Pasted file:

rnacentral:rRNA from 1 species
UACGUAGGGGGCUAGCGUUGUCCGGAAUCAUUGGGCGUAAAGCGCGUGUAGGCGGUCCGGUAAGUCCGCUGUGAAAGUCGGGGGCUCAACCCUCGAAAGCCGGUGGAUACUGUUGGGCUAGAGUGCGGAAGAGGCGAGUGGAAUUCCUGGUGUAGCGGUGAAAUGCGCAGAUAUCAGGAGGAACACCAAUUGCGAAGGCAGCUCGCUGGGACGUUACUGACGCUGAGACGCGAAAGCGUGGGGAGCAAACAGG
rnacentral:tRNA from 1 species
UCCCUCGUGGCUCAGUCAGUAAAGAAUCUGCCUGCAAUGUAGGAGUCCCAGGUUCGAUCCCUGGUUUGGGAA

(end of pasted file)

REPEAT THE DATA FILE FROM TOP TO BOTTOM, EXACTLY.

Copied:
rnacentral:rRNA from 1 species
UACGUAGGGGGCUAGCGUUGUCCGGAAUCAUUGGGCGUAAAGCGCGUGUAGGCGGUCCGGUAAGUCCGCUGUGAAAGUCGGGGGCUCAACCCUCGAAAGCCGGUGGAUACUGUUGGGCUAGAGUGCGGAAGAGGCGAGUGGAAUUCCUGGUGUAGCGGUGAAAUGCGCAGAUAUCAGGAGGAACACCAAUUGCGAAGGCAGCUCGCUGGGACGUUACUGACGCUGAGACGCGAAAGCGUGGGGAGCAAACAGG
rnacentral:tRNA from 1 species
UCCCUCGUGGCUCAGUCAGUAAAGAAUCUGCCUGCAAUGUAGGAGUCCCAGGUUCGAUCCCUGGUUUGGGAA